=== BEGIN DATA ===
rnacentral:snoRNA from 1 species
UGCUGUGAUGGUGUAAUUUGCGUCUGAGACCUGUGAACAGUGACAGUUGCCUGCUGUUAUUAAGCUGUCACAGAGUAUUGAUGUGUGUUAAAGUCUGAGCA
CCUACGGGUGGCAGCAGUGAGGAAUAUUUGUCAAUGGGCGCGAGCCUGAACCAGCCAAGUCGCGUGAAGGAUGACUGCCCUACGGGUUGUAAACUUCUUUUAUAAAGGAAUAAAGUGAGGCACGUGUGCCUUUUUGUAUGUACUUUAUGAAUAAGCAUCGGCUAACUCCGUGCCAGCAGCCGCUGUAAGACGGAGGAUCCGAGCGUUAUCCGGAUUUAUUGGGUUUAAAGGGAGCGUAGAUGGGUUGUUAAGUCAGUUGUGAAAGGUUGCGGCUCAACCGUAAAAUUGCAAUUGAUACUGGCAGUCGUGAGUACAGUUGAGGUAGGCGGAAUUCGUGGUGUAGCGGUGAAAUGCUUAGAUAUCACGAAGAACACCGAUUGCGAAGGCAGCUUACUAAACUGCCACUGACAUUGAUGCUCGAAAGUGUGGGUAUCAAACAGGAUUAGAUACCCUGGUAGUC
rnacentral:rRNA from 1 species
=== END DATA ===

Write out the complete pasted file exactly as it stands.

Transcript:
rnacentral:snoRNA from 1 species
UGCUGUGAUGGUGUAAUUUGCGUCUGAGACCUGUGAACAGUGACAGUUGCCUGCUGUUAUUAAGCUGUCACAGAGUAUUGAUGUGUGUUAAAGUCUGAGCA
CCUACGGGUGGCAGCAGUGAGGAAUAUUUGUCAAUGGGCGCGAGCCUGAACCAGCCAAGUCGCGUGAAGGAUGACUGCCCUACGGGUUGUAAACUUCUUUUAUAAAGGAAUAAAGUGAGGCACGUGUGCCUUUUUGUAUGUACUUUAUGAAUAAGCAUCGGCUAACUCCGUGCCAGCAGCCGCUGUAAGACGGAGGAUCCGAGCGUUAUCCGGAUUUAUUGGGUUUAAAGGGAGCGUAGAUGGGUUGUUAAGUCAGUUGUGAAAGGUUGCGGCUCAACCGUAAAAUUGCAAUUGAUACUGGCAGUCGUGAGUACAGUUGAGGUAGGCGGAAUUCGUGGUGUAGCGGUGAAAUGCUUAGAUAUCACGAAGAACACCGAUUGCGAAGGCAGCUUACUAAACUGCCACUGACAUUGAUGCUCGAAAGUGUGGGUAUCAAACAGGAUUAGAUACCCUGGUAGUC
rnacentral:rRNA from 1 species